"I regard the use of a small letter for the name of 12 million Americans and 200 million human beings, as a personal insult," Du Bois wrote in the 1920s, according to the book "How to Be Good with Words."
The Times turned Du Bois down in 1926 and eventually relented in 1930. The newspaper called the change "not merely a typographical change" but "an act in recognition of racial self-respect," The Times wrote earlier this month when it decided to capitalize Black.
Roughly 40 years before the Times changed its stance on Negro, Johnson published "A School History of the Negro Race in America from 1619 to 1890."
The book offers "sketches of slavery as it existed in the colonies — northern and southern" and describes the "accomplishments of some of the most distinguished slaves," the University of North Carolina wrote in a summary of the book.
Johnson's book was published in 1890. It implored teachers to adopt the use of Negro with a capitalized N.
"I respectfully request that my fellow-teachers will see to it that the word Negro is written with a capital N," Johnson wrote. "It deserves to be so enlarged, and will help, perhaps, to magnify the race it stands for in the minds of those who see it."
Discussions around racial identification and the use of Negro continued well into the mid-1900s.
The word Negro remained on the Census in the 1960s during the heart of the civil rights movement. The word was commonly used by civil rights leaders, including the Rev. Martin Luther King Jr. For example, in a speech he gave in 1960, King said, "The shape of the world today does not permit America the luxury of exploiting the Negro and other minority groups. The price that America must pay for the continued oppression of the Negro is the price of its own destruction."
"Black" did not reappear on the Census form until 1970, Pew said.
In 1971, the Congressional Black Caucus was formed. Its name suggested how the civil rights and black power movements left behind terms such as African, colored and Negro. By 2013, the Census Bureau dropped the word from its surveys, NPR reported. President Barack Obama signed a law in 2016 that replaced "Negro" with "African American," amending the Department of Energy Organization Act and the Local Public Works Capital Development and Investment Act of 1976.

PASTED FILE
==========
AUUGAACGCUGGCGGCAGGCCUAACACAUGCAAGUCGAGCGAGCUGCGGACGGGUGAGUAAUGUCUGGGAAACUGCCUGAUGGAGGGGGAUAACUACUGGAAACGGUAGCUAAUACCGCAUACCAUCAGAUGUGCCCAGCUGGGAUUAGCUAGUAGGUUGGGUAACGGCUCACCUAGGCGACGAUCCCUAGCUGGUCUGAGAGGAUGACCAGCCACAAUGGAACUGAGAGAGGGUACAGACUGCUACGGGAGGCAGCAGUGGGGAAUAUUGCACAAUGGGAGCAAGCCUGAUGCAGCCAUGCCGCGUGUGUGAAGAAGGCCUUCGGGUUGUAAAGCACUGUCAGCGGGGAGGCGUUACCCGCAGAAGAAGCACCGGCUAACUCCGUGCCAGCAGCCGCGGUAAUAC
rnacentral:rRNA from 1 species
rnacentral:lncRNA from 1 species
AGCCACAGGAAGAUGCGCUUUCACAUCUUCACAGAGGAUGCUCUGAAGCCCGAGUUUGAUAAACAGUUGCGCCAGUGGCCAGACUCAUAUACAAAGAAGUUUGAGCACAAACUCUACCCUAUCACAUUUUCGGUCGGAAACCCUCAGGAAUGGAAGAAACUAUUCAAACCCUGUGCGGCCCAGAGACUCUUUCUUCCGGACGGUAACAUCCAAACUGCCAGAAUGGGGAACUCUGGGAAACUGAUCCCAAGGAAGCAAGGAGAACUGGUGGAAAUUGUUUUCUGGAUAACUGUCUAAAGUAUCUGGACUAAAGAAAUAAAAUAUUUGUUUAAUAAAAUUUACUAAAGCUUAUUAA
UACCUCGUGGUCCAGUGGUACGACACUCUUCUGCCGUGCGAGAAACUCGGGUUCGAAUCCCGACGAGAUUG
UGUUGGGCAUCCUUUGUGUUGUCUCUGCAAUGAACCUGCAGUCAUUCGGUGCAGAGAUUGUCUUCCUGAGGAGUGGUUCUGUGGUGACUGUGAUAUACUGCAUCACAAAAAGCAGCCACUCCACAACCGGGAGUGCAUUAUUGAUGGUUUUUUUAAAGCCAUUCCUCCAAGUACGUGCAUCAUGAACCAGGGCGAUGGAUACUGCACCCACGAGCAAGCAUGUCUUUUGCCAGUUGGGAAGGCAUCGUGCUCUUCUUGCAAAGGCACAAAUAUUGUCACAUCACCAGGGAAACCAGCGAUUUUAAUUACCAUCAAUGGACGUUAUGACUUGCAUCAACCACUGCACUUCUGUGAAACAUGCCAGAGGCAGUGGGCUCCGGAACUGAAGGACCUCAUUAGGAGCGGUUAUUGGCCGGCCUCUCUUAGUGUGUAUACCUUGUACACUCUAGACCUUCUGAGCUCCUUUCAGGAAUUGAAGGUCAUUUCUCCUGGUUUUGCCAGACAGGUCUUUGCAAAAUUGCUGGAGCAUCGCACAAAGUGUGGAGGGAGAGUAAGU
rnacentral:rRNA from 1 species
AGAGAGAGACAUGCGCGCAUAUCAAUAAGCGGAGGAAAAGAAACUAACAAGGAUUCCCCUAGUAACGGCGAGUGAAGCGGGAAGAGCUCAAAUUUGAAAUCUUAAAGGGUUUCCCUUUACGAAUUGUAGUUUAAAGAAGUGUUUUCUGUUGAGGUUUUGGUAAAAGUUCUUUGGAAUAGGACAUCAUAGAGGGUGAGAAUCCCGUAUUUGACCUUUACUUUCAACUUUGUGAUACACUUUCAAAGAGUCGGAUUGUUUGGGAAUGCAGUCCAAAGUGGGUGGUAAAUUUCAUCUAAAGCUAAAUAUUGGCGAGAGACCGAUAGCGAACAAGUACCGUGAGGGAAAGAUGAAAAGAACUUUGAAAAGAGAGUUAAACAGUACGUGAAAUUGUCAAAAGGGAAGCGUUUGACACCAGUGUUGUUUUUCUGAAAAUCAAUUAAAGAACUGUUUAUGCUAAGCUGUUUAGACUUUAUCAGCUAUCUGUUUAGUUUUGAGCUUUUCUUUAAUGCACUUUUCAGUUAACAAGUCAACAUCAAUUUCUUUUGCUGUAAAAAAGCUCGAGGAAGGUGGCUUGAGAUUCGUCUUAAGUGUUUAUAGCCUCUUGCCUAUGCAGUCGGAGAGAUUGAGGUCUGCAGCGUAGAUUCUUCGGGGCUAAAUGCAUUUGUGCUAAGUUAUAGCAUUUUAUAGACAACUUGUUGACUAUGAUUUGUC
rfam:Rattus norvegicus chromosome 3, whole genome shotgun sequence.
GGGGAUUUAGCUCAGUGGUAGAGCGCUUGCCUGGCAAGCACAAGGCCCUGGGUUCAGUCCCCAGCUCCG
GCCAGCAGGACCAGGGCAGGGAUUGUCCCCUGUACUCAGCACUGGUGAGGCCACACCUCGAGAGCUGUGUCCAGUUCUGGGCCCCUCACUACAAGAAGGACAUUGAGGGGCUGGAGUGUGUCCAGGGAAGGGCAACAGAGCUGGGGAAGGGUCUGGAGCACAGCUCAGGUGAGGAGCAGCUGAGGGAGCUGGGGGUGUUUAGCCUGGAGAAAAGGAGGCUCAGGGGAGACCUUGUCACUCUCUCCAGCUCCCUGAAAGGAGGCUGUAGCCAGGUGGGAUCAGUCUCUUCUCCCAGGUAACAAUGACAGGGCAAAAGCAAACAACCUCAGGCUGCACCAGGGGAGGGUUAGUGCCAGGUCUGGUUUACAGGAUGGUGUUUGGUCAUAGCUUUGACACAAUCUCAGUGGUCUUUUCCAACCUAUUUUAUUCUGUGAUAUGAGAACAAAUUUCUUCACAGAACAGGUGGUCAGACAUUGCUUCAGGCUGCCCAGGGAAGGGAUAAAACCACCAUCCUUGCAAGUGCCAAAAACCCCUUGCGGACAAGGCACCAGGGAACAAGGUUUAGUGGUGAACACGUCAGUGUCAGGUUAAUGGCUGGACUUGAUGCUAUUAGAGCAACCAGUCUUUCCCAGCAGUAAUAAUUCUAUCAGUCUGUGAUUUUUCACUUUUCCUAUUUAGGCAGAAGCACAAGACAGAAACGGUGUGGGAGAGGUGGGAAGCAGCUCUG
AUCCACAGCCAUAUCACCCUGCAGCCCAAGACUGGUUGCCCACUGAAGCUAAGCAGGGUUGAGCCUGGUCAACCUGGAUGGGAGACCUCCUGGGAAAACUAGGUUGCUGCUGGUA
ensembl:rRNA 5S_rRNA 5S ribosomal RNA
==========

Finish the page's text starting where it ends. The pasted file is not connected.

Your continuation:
Capitalizing the b in Black is not enough
Educating teachers and school districts on Black history is paramount in making sure the change from black to Black is more than just a gesture, said Anyiwo, the developmental psychologist.
Right now, Black history is integral to American history, but not a requirement to earn a degree in teaching, nor is it a required subject area for teacher certification exams such as the Praxis, said Valerie Adams-Bass, an assistant professor of Youth and Social Innovations in the Department of Human Services at the University of Virginia Curry School of Education.
Adams-Bass has done research that shows how students with more Black history knowledge had higher career aspirations, she said.
"This is important because most Black children are taught by White and other non-Black teachers who often assume Black children are low achievers or dislike schools," she told CNN. "Black children are also overlooked for AP courses and other opportunities that expose and prepare them for college based on racial bias. Having more Black history knowledge meant youth had high career aspirations, perhaps in spite of teacher perceptions."
A big part of Black history is educating children on Black people that make up the fabric of American existence, Anyiwo said. Students must be exposed to the realities of how Black people in America were enslaved and subjugated to centuries of racial marginalization and oppression from the institution of slavery to Jim Crow laws to mass incarceration, she added.
"We cannot truly 'capitalize' Black until we teach about how the beauty and power of Black resistance and advocacy for social justice have contributed to advances in the rights and freedoms of all Americans," Anyiwo said.
California is one state that has already taken steps to address racial issues in its education system.
The state has some of the most teachers and students in the US, according to data from Educationdata.org and Brandman University. It's also one of the largest markets for history textbooks, according to the New York Times.
Following Floyd's death, state superintendent Tony Thurmond called on communities across California to take action to dismantle institutional racism and inequities in public schools and beyond, the California Department of Education (CDE) told CNN in an email.
A $500,000 grant was awarded to the CDE in June to fund the California Implicit Bias Training Initiative. This initiative involves experts training employees on implicit bias and racial justice, the CDE said in a news release. California is also considering a curriculum adjustment that would allow "school districts to adapt their courses to better reflect the pupil demographics in their communities," the news release said.
"The curriculum taught in our schools has not done enough to highlight and preserve the contributions of people of color and has actually minimized the importance of their role," the news release said. "A movement to create a better model of inclusion to be taught in our K--12 system was established in the hopes of teaching a history that is more representative of what actually occurred. Ethnic studies as a whole should represent a broad range of topics, but it must devote a special emphasis to people of color, including their experiences and their important role in our state and national history."
One person heartened by these developments in K-12 education is Broussard, the history textbook author. Floyd's death was a catalyst, he said.
"Change comes about slowly. This seems to be a more accelerated change than we've seen and almost a throwback to the 1960s," Broussard said. "I'm happy and heartened. Frederick Douglass said over a hundred years ago, 'Power concedes nothing without a demand. It never did and it never will.' These are people out marching and protesting and raising their voices. And that has made all the difference in the world."